The Nautiloid Cephalopods are the group of Cephalopods that have a simple suture pattern to the shell. The suture is either gently curved or nearly straight.
The Chambered Nautilus is a living species of the Nautiloid Cephalopods. As you can see in the picture below the shell of the Nautilus is subdivided into various rooms which are connected by a tube called the siphuncle. They are able to use the shell as a buoyance compensation device. They can fill the rooms (camera) with water, air, or possibly sediment to balance their body in the water. This makes the Cephalopod an excellent predator.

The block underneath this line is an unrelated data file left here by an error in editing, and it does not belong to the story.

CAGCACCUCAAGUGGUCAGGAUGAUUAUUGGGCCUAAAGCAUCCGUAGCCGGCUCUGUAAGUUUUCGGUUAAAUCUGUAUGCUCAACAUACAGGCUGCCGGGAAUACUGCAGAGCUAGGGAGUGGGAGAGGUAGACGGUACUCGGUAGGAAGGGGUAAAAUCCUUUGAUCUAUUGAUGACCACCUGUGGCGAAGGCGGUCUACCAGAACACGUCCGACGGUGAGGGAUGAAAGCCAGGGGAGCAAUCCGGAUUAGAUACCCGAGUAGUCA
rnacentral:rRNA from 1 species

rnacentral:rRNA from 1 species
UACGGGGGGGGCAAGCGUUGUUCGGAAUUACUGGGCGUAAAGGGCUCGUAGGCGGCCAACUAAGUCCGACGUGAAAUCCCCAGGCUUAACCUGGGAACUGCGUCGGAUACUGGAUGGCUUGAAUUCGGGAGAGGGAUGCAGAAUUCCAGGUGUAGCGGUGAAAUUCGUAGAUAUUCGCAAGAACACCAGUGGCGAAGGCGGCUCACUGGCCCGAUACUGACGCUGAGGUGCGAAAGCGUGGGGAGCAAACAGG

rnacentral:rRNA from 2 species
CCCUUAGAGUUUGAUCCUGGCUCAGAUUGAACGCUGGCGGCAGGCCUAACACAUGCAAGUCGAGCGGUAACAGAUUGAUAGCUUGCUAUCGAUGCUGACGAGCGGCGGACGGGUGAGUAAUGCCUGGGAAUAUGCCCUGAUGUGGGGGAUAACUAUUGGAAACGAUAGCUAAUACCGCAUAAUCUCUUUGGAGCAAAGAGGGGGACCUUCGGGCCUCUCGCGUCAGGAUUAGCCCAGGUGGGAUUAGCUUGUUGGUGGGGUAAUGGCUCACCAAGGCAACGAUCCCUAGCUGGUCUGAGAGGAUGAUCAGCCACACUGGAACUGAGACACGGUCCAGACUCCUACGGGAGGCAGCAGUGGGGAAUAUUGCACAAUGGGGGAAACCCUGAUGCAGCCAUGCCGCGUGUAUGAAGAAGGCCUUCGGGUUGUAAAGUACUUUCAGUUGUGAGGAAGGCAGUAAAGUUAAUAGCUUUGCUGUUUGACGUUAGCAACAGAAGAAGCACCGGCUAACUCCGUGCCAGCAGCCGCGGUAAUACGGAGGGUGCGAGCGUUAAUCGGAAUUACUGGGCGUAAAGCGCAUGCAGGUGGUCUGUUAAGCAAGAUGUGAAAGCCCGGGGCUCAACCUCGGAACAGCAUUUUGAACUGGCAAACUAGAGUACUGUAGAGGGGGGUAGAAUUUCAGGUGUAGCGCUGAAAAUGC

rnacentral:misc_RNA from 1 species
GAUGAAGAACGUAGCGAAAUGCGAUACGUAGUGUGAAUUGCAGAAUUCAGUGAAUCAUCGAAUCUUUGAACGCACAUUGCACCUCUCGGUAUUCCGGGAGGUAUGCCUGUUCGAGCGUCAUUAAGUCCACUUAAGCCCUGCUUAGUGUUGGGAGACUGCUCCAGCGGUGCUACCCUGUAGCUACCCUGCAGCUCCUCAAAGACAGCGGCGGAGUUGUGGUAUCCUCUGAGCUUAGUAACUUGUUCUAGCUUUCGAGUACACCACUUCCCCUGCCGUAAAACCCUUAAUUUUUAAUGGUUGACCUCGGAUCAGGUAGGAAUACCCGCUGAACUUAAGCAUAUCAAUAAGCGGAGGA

Ordovician Nautiloid Cephalopod
This specimen is from the Ordovician, (Richmond) of southwestern Ohio. The specimen was collected on the banks of the Stillwater River, close to Triangle Park in Dayton, Ohio. This is a popular spot for classes of the Dayton Museum of Natural History, summer program.
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